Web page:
Carnegie Foundation Recognizes UConn for Public Outreach

<p>Migrant worker Homero Gonzalez gets a physical exam from medical student Christopher Binette,'08 SOM, at a clinic for migrant farm workers run by UConn Health Center medical students at one of the tobacco farms in Connecticut. Photo by Al Ferreira</p>
A migrant worker gets a physical exam from medical student Christopher Binette, '08 SOM, at a clinic run by UConn medical students at one of Connecticut's tobacco farms. Photo by Al Ferreira

The Carnegie Foundation for the Advancement of Teaching announced on Jan. 5 that it is recognizing the University of Connecticut for the school’s ongoing commitment to public engagement and service to the community.

UConn is one of 115 institutions to earn the organization’s prestigious elective “Community Engagement” classification this year. Since the system was created in 2006, a total of 311 institutions have been chosen, representing fewer than 10 percent of colleges and universities in the U.S. There will not be another round of schools selected for five years.

“The Carnegie Foundation is among the most prestigious educational organizations in the world, and they have very high standards for awarding this designation,” says Preston Britner, associate professor of family studies, who co-chairs the University’s Public Engagement Forum with Susan Nesbitt, director of the Center for Continuing Studies.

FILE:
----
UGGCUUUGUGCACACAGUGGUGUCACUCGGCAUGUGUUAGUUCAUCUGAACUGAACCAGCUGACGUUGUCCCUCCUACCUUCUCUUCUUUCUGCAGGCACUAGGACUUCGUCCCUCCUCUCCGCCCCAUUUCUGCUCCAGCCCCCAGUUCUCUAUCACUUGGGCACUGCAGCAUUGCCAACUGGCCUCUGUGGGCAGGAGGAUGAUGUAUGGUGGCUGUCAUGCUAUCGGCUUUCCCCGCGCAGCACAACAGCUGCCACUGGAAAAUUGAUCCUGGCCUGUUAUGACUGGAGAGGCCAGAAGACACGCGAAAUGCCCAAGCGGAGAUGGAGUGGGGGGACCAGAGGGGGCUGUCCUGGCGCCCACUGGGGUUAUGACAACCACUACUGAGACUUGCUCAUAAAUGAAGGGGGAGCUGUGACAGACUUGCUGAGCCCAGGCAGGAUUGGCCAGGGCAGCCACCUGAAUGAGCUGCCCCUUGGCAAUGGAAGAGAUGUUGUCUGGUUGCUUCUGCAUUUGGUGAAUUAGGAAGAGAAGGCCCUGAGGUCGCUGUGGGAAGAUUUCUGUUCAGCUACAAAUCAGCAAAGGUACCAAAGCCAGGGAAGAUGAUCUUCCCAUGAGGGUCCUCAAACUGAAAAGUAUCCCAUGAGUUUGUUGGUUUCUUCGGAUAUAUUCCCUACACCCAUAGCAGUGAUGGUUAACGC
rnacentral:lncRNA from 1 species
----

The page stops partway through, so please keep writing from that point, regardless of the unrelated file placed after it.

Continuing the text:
Robert McCarthy, dean of the School of Pharmacy and director of the Provost’s Commission on Public Engagement, says, “As a public land grant university, a third of UConn’s mission is service, outreach, and public engagement. It is an honor to be recognized for our efforts, which are substantial.”

When reviewing a university’s application, the foundation considered several criteria, among them:

  • Mission: does the university have a structure in place and the resources available to show a true commitment to public engagement? Is public engagement part of its academic plan?
  • Curriculum: does the university have significant service-learning opportunities for students?
  • Engaged scholarship: is community outreach and public service a strong component in different areas of faculty research?

UConn excels in each category, with public engagement being one of five critical areas in the University’s Academic Plan.

“You will find that that virtually every college, school, and department at UConn has a strong service-learning component,” says Provost Peter Nicholls. “And we also have faculty across the board who are engaged in research that incorporates public service on the state, national, and even global level.”

This public service through academics takes many forms at the University, including computer science faculty securing and auditing new electronic voting machines for the state; marine sciences faculty working to help determine the severity of the ecological damage done by the Gulf oil spill; faculty from the School of Medicine working to reduce childhood obesity and other medical school faculty offering health clinics for migrant farm workers; and the numerous public service legal clinics at the Law School, among many others. Further examples, and the full UConn Carnegie application, are available on the Public Engagement web site.

The Carnegie Foundation was created by Andrew Carnegie in 1905 and chartered in 1906 by an Act of Congress. It serves as an independent policy and research center. The foundation’s current mission is to “support needed transformations in American education through tighter connections between teaching practice, evidence of student learning, the communication and use of this evidence, and structured opportunities to build knowledge.”

<p>Carnegie Foundation logo</p>